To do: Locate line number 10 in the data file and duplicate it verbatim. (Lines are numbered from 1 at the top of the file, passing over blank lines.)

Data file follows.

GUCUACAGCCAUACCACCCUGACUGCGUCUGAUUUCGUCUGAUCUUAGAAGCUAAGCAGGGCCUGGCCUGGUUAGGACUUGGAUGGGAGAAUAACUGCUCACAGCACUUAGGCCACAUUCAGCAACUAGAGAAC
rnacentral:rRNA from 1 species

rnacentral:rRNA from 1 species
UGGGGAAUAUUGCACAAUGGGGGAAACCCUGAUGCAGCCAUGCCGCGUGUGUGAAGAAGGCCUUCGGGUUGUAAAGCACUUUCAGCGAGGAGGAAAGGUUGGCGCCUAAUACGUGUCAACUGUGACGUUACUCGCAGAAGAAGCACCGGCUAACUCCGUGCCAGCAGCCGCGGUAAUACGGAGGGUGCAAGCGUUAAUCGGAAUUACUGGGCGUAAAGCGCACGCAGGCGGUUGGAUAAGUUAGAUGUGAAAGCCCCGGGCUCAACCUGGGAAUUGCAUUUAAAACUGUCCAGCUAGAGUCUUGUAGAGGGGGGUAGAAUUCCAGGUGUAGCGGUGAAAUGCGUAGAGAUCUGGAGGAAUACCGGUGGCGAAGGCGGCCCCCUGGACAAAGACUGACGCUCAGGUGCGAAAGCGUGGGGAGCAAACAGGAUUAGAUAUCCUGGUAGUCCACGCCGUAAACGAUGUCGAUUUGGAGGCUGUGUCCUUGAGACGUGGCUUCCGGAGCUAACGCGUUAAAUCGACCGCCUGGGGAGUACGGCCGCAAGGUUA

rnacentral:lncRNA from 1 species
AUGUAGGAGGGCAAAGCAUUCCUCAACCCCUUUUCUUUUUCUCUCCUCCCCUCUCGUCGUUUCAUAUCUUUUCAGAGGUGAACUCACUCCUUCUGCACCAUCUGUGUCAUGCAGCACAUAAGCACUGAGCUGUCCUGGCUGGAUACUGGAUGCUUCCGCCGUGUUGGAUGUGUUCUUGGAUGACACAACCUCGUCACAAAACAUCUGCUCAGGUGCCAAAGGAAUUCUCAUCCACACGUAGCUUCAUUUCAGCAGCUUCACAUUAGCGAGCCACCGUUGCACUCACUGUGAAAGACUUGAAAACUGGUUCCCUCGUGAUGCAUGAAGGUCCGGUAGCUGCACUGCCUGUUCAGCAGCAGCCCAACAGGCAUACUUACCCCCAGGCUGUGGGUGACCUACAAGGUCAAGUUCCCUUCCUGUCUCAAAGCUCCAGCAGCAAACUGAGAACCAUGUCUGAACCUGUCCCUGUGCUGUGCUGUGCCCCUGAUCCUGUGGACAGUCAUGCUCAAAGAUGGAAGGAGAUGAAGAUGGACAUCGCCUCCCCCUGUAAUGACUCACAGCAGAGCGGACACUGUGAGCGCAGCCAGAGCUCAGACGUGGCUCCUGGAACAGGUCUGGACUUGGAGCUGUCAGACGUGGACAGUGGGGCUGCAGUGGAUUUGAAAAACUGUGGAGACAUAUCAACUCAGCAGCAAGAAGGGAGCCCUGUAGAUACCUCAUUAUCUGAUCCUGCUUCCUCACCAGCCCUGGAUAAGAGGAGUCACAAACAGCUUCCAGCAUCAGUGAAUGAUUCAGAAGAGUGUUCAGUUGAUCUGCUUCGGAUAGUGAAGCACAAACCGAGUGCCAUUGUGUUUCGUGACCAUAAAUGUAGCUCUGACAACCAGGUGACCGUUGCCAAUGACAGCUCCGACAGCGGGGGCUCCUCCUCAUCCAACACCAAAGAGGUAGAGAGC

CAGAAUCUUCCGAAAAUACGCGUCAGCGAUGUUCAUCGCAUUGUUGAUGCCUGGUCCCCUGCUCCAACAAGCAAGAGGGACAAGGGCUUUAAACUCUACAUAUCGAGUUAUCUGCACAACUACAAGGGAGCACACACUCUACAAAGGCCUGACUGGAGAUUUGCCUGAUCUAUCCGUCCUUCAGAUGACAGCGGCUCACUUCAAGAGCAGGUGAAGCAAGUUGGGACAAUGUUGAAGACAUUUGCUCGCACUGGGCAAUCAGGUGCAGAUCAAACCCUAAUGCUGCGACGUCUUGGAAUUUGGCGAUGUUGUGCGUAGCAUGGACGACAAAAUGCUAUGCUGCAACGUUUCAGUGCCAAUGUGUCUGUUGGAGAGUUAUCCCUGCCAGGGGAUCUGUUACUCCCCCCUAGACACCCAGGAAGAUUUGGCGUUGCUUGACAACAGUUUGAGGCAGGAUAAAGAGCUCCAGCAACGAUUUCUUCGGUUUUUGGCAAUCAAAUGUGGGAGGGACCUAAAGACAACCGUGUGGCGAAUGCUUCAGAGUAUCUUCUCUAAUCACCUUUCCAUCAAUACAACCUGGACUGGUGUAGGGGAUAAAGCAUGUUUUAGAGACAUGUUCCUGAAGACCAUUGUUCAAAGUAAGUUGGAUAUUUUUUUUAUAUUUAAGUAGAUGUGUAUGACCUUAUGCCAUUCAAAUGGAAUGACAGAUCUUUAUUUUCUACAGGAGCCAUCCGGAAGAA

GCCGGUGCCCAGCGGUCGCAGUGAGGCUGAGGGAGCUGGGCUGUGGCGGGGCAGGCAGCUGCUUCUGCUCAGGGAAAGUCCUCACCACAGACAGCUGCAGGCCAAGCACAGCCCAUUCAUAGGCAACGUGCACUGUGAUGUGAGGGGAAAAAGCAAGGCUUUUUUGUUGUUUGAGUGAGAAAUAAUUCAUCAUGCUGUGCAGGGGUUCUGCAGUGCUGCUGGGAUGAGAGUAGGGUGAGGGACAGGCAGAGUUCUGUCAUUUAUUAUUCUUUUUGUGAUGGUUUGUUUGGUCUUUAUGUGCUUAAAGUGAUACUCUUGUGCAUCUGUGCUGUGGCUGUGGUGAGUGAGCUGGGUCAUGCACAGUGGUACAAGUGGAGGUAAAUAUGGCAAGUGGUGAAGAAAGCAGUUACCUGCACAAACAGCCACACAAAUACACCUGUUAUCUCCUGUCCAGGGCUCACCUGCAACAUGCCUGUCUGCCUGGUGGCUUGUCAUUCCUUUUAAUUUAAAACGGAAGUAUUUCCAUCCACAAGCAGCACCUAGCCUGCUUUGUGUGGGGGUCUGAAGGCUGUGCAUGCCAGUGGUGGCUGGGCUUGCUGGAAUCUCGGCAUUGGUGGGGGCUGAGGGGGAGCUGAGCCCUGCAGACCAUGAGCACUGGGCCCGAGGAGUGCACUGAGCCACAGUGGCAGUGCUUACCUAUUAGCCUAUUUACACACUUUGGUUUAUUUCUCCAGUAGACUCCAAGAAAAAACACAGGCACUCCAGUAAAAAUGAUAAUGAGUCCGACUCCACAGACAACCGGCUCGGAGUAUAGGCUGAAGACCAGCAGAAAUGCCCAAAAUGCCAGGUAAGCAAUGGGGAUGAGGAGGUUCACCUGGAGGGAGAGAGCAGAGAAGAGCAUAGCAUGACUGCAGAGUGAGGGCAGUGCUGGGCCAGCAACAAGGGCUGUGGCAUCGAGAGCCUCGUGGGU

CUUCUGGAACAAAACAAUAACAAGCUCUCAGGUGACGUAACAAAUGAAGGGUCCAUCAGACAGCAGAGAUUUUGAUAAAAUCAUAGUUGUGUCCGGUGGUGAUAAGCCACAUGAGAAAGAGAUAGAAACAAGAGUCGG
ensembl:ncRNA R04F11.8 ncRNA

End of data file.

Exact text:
ensembl:ncRNA R04F11.8 ncRNA